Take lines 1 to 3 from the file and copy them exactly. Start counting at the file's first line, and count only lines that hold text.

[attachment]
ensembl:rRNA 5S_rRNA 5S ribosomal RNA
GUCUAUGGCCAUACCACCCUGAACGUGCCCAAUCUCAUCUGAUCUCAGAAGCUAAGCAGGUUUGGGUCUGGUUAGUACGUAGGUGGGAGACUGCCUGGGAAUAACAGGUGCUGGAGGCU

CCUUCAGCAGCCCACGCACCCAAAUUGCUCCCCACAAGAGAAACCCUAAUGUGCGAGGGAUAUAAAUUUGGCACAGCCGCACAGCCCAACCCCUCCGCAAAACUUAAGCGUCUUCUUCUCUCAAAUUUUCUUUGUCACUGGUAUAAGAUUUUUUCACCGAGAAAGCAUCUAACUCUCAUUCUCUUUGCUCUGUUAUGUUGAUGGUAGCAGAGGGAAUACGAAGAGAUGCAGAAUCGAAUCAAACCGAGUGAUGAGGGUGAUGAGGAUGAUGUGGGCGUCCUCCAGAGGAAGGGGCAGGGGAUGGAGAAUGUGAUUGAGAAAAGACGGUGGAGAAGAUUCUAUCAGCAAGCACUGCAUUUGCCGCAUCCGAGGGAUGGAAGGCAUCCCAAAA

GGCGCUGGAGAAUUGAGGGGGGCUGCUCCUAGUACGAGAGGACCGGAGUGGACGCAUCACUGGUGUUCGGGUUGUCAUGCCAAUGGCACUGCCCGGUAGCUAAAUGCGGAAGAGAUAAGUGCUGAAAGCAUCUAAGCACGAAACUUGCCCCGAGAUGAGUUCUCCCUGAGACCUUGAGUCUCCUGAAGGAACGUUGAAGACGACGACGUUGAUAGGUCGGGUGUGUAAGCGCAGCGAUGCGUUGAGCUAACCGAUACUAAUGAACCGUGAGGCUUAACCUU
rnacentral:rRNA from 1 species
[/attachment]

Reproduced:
ensembl:rRNA 5S_rRNA 5S ribosomal RNA
GUCUAUGGCCAUACCACCCUGAACGUGCCCAAUCUCAUCUGAUCUCAGAAGCUAAGCAGGUUUGGGUCUGGUUAGUACGUAGGUGGGAGACUGCCUGGGAAUAACAGGUGCUGGAGGCU

CCUUCAGCAGCCCACGCACCCAAAUUGCUCCCCACAAGAGAAACCCUAAUGUGCGAGGGAUAUAAAUUUGGCACAGCCGCACAGCCCAACCCCUCCGCAAAACUUAAGCGUCUUCUUCUCUCAAAUUUUCUUUGUCACUGGUAUAAGAUUUUUUCACCGAGAAAGCAUCUAACUCUCAUUCUCUUUGCUCUGUUAUGUUGAUGGUAGCAGAGGGAAUACGAAGAGAUGCAGAAUCGAAUCAAACCGAGUGAUGAGGGUGAUGAGGAUGAUGUGGGCGUCCUCCAGAGGAAGGGGCAGGGGAUGGAGAAUGUGAUUGAGAAAAGACGGUGGAGAAGAUUCUAUCAGCAAGCACUGCAUUUGCCGCAUCCGAGGGAUGGAAGGCAUCCCAAAA